Sick leave: What are the notice requirements?

by The FindLaw Team

As another mid-week public holiday approaches in Australia, many employees may be tempted to extend the good times by taking the Friday off as well. For employees who are entertaining the idea of taking the day after Anzac Day off, it’s probably a good idea to make the necessary leave arrangements with your employer beforehand.

However, if you are indeed wondering about the laws relating to sick, holiday and other types of leave, this piece will outline the basics.

Before going further, we should point out that for the sake of convenience the majority of this piece will be outlining the leave provisions under the Fair Work Act 2009 (Cth) (the FWA) and the leave entitlements of national system employees. For non-national system employees, the laws will vary depending on the relevant legislation and industrial award instruments

Who is entitled to leave under the Fair Work Act?

Leave entitlements under the FWA are only applicable to national system employers and their employees, which generally speaking refers to employees from most private organisations, Commonwealth agencies and Territory employers, as outlined in s 14(1) of the FWA. Additionally, under the ss 30D and 30N provisions the definition of a national system employer also covers any employer in a referring State, to the extent that they employ a worker who falls within a reference power.

Readers who are State employees working in public sector agencies from New South Wales, Queensland, South Australia and Tasmania, may be subject to the industrial instruments at the state level, while in Victoria, the majority of its employees may fall under the federal system.

Meanwhile, local council workers in New South Wales, Queensland and South Australia are excluded from the provisions of the FWA.

Finally, in Western Australia the leave provisions of the FWA only covers workers who are employed by a constitutional corporation, which includes trading and financial corporations, corporations formed outside of Australia, and federal government agencies.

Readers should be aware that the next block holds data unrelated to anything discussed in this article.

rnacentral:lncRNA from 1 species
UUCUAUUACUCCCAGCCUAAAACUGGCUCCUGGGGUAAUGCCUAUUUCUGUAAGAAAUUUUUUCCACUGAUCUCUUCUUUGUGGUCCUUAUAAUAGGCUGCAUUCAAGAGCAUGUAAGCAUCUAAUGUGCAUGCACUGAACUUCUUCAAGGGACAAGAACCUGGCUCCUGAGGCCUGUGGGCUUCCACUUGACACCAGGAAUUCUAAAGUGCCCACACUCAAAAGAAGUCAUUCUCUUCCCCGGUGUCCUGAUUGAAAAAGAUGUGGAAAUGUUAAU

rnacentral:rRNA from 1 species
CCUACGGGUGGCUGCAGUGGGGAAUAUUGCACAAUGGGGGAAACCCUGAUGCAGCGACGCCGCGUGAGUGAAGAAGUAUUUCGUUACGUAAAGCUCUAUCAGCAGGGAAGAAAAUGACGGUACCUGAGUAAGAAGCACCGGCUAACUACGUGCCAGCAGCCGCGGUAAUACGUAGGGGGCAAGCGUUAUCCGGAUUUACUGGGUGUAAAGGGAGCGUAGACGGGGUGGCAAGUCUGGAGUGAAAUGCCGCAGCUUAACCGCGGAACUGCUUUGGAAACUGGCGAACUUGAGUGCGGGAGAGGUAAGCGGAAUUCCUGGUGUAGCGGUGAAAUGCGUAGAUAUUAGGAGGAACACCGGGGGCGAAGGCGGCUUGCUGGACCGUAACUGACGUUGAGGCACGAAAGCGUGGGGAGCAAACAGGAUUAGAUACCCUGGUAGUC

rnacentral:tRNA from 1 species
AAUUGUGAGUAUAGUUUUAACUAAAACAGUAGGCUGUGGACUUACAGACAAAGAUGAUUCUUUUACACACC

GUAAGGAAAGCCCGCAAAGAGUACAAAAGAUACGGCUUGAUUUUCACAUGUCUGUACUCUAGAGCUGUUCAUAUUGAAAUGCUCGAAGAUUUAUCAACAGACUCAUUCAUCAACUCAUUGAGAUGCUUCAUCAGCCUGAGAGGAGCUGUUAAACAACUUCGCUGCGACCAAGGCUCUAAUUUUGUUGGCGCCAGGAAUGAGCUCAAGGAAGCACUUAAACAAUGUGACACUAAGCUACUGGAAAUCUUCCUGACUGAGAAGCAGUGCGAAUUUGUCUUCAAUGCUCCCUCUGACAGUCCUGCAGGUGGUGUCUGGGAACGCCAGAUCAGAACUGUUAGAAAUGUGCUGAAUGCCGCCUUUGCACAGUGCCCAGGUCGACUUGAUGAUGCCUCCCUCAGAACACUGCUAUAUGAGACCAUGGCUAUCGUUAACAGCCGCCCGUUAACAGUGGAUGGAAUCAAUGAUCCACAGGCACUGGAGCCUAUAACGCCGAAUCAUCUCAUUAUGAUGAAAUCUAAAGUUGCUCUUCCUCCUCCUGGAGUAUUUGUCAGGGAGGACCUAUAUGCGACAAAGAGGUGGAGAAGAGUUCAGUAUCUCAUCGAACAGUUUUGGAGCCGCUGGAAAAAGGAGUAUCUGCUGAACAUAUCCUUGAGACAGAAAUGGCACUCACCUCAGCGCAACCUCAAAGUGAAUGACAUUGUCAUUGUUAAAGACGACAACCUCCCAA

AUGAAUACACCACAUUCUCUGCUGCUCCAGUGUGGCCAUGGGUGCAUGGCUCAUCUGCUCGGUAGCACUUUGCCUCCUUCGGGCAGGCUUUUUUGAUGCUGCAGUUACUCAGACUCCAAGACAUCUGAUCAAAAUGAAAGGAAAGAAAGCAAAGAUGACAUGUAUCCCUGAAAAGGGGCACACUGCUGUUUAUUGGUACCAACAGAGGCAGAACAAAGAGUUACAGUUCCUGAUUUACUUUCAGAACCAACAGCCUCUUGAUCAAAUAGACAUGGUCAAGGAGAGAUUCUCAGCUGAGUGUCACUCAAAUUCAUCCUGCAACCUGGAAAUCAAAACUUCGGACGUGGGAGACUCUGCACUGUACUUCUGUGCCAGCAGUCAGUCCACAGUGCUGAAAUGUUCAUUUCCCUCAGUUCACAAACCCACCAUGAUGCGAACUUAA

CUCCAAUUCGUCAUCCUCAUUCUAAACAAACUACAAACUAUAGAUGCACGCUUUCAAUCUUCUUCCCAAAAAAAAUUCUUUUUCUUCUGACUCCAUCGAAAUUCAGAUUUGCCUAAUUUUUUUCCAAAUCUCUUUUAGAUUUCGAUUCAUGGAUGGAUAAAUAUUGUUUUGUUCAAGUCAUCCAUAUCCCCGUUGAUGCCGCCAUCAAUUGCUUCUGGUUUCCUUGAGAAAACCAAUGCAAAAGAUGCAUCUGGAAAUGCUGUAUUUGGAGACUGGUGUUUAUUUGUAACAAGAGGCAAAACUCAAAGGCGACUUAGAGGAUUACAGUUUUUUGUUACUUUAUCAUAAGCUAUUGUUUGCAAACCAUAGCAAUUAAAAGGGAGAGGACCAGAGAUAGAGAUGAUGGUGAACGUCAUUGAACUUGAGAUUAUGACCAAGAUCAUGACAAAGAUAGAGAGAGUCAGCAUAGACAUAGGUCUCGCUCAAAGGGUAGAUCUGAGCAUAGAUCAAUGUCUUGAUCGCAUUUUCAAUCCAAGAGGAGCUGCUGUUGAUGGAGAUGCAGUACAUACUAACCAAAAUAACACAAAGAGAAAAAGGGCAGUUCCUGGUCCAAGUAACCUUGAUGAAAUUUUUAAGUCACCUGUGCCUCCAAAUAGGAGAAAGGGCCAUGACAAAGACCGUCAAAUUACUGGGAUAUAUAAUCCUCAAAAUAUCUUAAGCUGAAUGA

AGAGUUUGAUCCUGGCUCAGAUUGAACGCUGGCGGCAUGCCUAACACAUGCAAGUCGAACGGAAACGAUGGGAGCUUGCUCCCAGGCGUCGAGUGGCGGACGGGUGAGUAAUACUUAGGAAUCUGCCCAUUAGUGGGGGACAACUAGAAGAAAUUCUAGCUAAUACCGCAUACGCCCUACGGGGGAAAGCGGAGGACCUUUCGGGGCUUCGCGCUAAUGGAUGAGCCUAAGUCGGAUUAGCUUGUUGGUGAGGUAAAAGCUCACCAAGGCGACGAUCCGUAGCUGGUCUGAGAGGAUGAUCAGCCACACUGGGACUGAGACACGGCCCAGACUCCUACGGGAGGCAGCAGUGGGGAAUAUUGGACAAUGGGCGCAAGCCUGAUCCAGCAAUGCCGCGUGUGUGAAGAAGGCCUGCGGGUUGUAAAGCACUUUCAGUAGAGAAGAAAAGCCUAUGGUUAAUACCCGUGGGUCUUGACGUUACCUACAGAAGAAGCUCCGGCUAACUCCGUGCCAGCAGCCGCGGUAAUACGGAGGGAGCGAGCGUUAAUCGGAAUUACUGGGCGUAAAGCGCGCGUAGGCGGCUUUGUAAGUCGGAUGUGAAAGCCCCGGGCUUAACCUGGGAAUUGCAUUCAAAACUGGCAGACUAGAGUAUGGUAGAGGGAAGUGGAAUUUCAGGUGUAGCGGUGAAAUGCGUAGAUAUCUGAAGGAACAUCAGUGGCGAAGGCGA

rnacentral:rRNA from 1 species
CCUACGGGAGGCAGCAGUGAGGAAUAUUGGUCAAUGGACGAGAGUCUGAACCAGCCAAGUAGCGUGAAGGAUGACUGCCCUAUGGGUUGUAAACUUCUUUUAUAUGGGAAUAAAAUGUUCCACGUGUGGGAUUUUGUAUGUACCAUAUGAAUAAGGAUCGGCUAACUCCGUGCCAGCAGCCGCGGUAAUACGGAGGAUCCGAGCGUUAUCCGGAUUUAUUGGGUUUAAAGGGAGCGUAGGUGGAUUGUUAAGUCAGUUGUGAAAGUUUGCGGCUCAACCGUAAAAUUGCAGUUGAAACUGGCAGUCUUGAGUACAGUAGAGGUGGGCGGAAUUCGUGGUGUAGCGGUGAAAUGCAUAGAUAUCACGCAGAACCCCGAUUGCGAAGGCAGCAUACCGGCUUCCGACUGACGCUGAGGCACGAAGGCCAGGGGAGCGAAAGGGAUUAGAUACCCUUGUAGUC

We should reemphasise that the FWA provisions are only applicable to workers who are considered as employees, and as a consequence, independent contractors and unpaid volunteers may be excluded from leave entitlements.


What are the laws in relation to sick leave (and other types of leave)?

Ah, now we’re heading into the crux of the piece which is of course the laws regarding the type of leave that is found in Division 7 of Part 2-2 of the FWA, allowing for national system employees to take paid personal leave under the following circumstances:

  • the employee is not fit for work because of illness or injury which has an effect on the employee; 
  • the employee needs to provide care or support for an immediate family member, or a family member of the  household due to illness, injury or an unexpected emergency;
  • unpaid carer’s leave; and
  • compassionate leave.

Under the provisions of the FWA, an employee, who is not a casual, is entitled to 10 days of paid personal and carer’s leave per year, which can accumulate on a yearly basis.

Conversely, if an employee has exhausted all of their leave entitlements, or the employee is a casual, under ss 102-103 an employee who is entitled to such leave, can take two days’ of unpaid carer’s leave whenever such leave is needed. However, and this is the important part, the employee can only take leave in instances where they are required to care for a family member, not because the employee is sick or injured.

In relation to compassionate leave under the provisions of ss 104-106, an employee can spend up to two days with a family member or a member of the household, who has sustained life-threatening injury or illness, or alternatively, leave is required on compassionate grounds due to the death of a family member or a member of the household.

An employee must be paid their base rate if leave is taken on compassionate grounds, while for casual employees, compassionate leave will be regarded as unpaid leave.

What are the notice and evidence requirements for sick leave? (And other types of leave)

If an employee takes personal, unpaid or compassionate leave, then under s 109(1)(2) the employee must inform the employer as soon as it is practicable of the need to take leave, and must also advise the employer of how much leave is to be taken, and the expected amount of leave that is to be taken. And yes, an employee can give notice after the period of personal leave has begun.

Any employee who has given notice of personal leave to an employer under Division 7 of the FWA, must provide evidence to an employer if required to do so, and the evidence must be the type which would satisfy a reasonable person under s 109(3).

Finally, under s 109(4) and (5), an employee is not entitled to take personal leave unless they comply with any modern award and enterprise agreement requirements if evidence is mandatory, if an employee chooses to take leave under the Division. 


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